Relationships are the foundation for a Just Economic Transition

Posted Nov 22, 2018, by Veronica Coptis


November 7th to 9th the Just Transition Fund Hosted their National Convening with grantees and speakers in Washington, DC. Folks gathered from across the country just after the elections celebrating some great wins and still aware of the work that is ahead to build just and sustainable communities. From listening to speakers and talking with attendees it is clear that all of our efforts to create communities where everyone has a living wage and is welcomed in their communities will be a challenging road ahead but everyone I connected with had inspiring stories to keep us moving forward.

Throughout the event, we learned from peoples’ experience on what has worked and what has not worked. Time was provided for us to build relationships together and see where each organization’s work intersects to increase the impact others organizations may have on their work. For example, talking with folks at Coalfield Development in West Virginia, I learned that they started their economic work improving homes in need of repair and that transition can spark from just making our community more attractable.  Last, we had some hands-on workshops on sharing our stories and how to influence the federal budget to apply skills back in our communities. I am really looking forward to using the drama triangle from Center for Story-Based Strategy.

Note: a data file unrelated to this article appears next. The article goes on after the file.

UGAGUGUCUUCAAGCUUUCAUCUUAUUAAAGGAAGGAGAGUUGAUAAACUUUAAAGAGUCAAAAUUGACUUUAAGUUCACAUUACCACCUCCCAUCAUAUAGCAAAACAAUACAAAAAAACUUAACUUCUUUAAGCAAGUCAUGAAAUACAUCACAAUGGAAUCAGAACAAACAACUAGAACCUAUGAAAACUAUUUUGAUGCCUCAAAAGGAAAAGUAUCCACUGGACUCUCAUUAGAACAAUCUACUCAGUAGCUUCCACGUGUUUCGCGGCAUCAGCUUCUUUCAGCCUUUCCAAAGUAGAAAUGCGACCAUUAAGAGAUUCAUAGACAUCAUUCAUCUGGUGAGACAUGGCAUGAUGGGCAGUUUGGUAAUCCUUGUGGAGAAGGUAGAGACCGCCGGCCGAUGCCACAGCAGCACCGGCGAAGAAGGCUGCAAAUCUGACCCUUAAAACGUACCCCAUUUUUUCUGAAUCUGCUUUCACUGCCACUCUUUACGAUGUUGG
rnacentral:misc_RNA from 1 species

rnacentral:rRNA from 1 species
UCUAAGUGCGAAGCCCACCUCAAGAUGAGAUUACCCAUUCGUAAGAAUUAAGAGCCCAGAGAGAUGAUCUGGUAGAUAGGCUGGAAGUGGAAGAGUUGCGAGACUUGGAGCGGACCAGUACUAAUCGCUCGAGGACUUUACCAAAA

Overall, one recurring theme kept arising in every presentation whether it was talking about working with labor, building political will, or economic development—it all boiled down to the strength of relationships. How strong our communities and movement will be going forward will be based on the relationships we can lay as foundations and the trust we can build to create truly just communities.


  • Veronica Coptis

    Veronica Coptis joined the CCJ staff in March 2013 as a Community Organizer and is now serving as the Executive Director. She grew up in western Greene County near the Bailey Mine Complex and currently lives in the eastern part of the county. Before joining the CCJ staff, Veronica served on the Board of Directors for CCJ and organized with Mountain Watershed Association. She received a bachelor’s degree in biology from West Virginia University. She enjoys hiking and geocaching at Ryerson State Park and other areas around Greene County with her husband and daughters. Read more about Veronica in a New Yorker Magazine profile at https://www.newyorker.com/magazine/2017/07/03/the-future-of-coal-country. Contact Veronica at veronica@centerforcoalfieldjustice.org.

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